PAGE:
Losing The Label

The first problem I have with the anti-“stigma” campaign formula as applied to mental patients and ex-patients is the assumption that “mental illness” even exists. People have problems, certainly, and some of these problems affect their thought processes, yes, again, and their social relationships, definitely, but no “mental illness” has ever been found to exist in a tangible sense. Look for it! Neither virus nor bacterial culture exist we can call “mental illness”, and brain injury proper belongs specifically to the neurological department, not the psychiatric department. People annoy people, and people have “break downs”, but just what is really going on in these instances gets lost behind the dismissive categorization of the term “mental illness”. Unreason does not necessarily equal “illness”, the basic presumption being made here.

“Mental illness” as a term came to exist because it was felt that mad people would get better treatment if their conditions were thought of as medical conditions rather than as possession, the result of grief, confusion, poor morals, bad breeding, whatever…being the unknown x that it is. It did not come into existence because any “mental illness” was ever discovered. It came into being because it was felt people would be treated better if it was used, and if bereaved, demented and agitated people were thought of as “ill” people.

When I took Consumer Leadership Training in Virginia I read that prejudice and discrimination were perhaps better words to use than “stigma” because these words were words that had been used in the context of the civil rights struggle, and these words were words that even politicians could understand. The word “stigma” is much more problematic. A “stigma” is a mark of disgrace. If the mark is the disgrace, that’s one thing, if the disgrace is the disgrace, that’s another. This is advice I took to heart.

The issue I’m dealing with here concerns whether people can overcome those shortcomings that got them sent to the loony bin, or whether people are stuck with those shortcomings for life. These shortcomings don’t actually have to be real if they exist in other people’s minds. There is also the disruption of life and the setbacks that institutionalization represents that they must recover from as well. People have managed to fully recover from what are characterized as “serious mental illnesses”. The fact that significant recovery is not seen in a larger percentage than it is seen in is a relative matter. This is certainly not a reason, good or otherwise, for throwing the baby out with the bathwater.

Prejudice is about leaping to judgment before all the facts are in. Discrimination is about denying people those opportunities that are open to other people. Such discrimination is often and usually based upon prejudice. When we discriminate based on prejudice we are denying chances to people. It is my fervent belief that a person could fail at many initial chances only to find themselves a smashing success after taking a certain chance that mattered. I don’t want to deny this opportunity for success to people. Because I don’t want to deny this opportunity to people I prefer to see the struggle as one of battling prejudice and discrimination directed against people who have received mental health treatment rather than as a battle against any “stigma” attached to people labeled with “mental illness”. It’s harder to lose a label attached to a body when that label is a tattoo (or a brand) than it is too lose such a label if that label is only attached by a thread. In the second instance, given a good snip from a pair of scissors, who would ever know?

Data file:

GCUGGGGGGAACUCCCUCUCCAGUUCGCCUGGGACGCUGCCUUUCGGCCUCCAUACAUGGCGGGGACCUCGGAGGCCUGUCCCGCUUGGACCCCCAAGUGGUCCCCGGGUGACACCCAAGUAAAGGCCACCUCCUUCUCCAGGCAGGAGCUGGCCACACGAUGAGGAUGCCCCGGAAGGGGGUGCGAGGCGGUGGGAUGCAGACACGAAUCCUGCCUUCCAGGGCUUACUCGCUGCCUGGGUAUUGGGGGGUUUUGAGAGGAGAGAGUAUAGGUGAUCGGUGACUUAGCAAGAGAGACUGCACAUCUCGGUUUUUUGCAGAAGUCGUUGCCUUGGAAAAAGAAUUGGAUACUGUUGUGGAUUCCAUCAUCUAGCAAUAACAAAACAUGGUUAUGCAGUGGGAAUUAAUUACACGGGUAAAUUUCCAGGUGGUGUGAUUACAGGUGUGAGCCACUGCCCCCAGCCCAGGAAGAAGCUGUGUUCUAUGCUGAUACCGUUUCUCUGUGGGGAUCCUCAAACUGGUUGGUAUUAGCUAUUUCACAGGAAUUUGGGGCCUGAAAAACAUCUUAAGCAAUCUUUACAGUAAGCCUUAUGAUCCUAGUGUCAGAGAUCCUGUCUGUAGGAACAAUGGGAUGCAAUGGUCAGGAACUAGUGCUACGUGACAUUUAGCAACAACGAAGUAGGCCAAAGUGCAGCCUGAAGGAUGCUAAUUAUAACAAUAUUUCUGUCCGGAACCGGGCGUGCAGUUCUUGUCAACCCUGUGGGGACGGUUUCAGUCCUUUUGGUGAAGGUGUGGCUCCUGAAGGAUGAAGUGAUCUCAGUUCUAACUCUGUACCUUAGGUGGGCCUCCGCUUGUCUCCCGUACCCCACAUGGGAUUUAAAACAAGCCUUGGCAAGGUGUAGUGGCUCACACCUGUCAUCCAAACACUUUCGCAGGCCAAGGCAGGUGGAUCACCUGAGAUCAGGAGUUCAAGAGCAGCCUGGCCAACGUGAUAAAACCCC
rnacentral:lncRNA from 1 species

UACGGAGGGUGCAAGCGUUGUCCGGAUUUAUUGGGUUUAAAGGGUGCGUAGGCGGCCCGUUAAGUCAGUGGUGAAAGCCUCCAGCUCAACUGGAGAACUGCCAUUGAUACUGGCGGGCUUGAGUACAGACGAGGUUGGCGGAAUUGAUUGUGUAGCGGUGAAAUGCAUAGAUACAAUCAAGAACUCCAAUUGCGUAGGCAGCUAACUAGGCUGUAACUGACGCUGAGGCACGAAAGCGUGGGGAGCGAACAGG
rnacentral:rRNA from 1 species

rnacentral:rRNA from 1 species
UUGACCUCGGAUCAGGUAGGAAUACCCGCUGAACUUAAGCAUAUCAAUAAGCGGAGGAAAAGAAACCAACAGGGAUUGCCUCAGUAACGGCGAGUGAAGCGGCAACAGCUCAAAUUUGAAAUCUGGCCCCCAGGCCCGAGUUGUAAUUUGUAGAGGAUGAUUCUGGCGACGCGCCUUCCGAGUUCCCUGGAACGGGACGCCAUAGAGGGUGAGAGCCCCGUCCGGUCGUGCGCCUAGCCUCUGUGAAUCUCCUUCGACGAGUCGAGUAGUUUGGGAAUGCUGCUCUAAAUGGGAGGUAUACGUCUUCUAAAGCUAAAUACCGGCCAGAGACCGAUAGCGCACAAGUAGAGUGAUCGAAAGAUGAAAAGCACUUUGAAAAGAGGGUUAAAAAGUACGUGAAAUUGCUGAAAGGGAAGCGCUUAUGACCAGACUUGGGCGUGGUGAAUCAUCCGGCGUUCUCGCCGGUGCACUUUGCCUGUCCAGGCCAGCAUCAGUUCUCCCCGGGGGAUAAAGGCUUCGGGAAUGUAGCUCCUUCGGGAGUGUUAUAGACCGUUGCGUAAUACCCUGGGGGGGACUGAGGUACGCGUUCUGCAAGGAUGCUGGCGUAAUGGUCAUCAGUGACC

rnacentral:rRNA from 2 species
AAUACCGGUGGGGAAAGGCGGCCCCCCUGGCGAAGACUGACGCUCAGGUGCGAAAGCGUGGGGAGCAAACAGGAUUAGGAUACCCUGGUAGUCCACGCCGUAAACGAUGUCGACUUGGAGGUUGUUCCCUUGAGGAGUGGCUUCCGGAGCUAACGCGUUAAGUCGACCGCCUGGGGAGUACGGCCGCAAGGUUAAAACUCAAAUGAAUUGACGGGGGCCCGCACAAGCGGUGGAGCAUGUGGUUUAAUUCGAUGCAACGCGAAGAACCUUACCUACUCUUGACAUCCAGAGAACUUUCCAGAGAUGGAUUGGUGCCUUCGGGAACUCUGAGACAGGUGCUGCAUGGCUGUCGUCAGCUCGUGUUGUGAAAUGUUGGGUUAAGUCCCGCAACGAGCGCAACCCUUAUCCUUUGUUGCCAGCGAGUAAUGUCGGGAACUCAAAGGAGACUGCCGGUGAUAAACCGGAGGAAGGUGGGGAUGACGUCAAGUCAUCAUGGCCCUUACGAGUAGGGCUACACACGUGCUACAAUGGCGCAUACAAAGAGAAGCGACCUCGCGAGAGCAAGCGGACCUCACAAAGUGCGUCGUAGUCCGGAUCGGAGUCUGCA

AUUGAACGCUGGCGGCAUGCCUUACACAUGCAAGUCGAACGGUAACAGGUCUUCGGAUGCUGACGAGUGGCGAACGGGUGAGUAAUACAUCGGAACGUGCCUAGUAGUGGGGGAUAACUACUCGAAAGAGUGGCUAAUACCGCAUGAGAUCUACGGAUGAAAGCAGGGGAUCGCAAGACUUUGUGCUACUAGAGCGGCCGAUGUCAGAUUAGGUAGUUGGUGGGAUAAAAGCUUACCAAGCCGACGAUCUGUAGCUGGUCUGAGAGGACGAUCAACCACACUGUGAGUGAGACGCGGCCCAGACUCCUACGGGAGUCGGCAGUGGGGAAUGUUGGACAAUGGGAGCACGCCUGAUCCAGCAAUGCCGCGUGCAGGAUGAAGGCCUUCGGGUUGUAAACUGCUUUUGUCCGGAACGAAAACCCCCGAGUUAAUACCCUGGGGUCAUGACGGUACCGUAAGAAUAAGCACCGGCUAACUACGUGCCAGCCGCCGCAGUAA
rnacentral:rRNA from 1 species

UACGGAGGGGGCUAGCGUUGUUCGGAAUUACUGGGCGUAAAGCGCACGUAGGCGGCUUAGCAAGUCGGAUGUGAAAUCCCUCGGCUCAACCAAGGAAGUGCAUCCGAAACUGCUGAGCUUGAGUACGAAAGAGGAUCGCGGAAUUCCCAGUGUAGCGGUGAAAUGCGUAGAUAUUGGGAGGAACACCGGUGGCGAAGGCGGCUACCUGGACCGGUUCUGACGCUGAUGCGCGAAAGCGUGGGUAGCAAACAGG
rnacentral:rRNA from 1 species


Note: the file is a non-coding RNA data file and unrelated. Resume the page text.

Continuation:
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2 Responses

  1. Psychiatric labels injure.
    Psychiatric labels hold people hostage.
    Psychiatric labels cause disability.

    Period.

    There are safer and more effective ways to treat people who are suffering from the symptoms that psychiatry calls “mental illness”… from nutrition and integrative mediciine, to peer-run respite centers.

    We need to begin to use them.
    We need to stop using drugs as the first-line (and far-too-often) only line of “treatment”.

    Conventional psychiatric treatment is not treatment… It is MIS-treatment.
    Part of that mix is the label itself.
    The labels are de-humanizing.

    They do not promote recovery and wellness.
    They do the opposite!

    Duane Sherry, M.S.
    discoverandrecover.wordpress.com

    • We need a paradigm shift in the mental health treatment world. The doctor who doesn’t prescribe psychiatric drugs is actually saving lives. The drug, drug, drug mentality of so many shrinks in the drug manufacturers’ pocket has got to go. The evidense to support this statement is easily attainable if anybody should look for it. I agree with you wholeheartedly. When alternatives to conventional treatment are readily available, and psychiatric drugs are not used to such a great extent as they are today, we should see a corresponding drop in the residivism rate. This is what studies have shown, but the problem is that it isn’t being acknowledged because of the power and influence of big pharma. Big pharma promotes health destroying polypharmacy. I think it is important for people to point out the damage that is being caused by this approach to mental health treatment in the interests of changing it. When a patient’s overall health is of foremost importance, destroying that patient’s health in the interests of expanding drug company profits is not going to be the thing to do so much. Promoting recovery and wellness can only help, it is hoped, to bring about such a much needed paradigm shift in our approach to caring for people in crisis.

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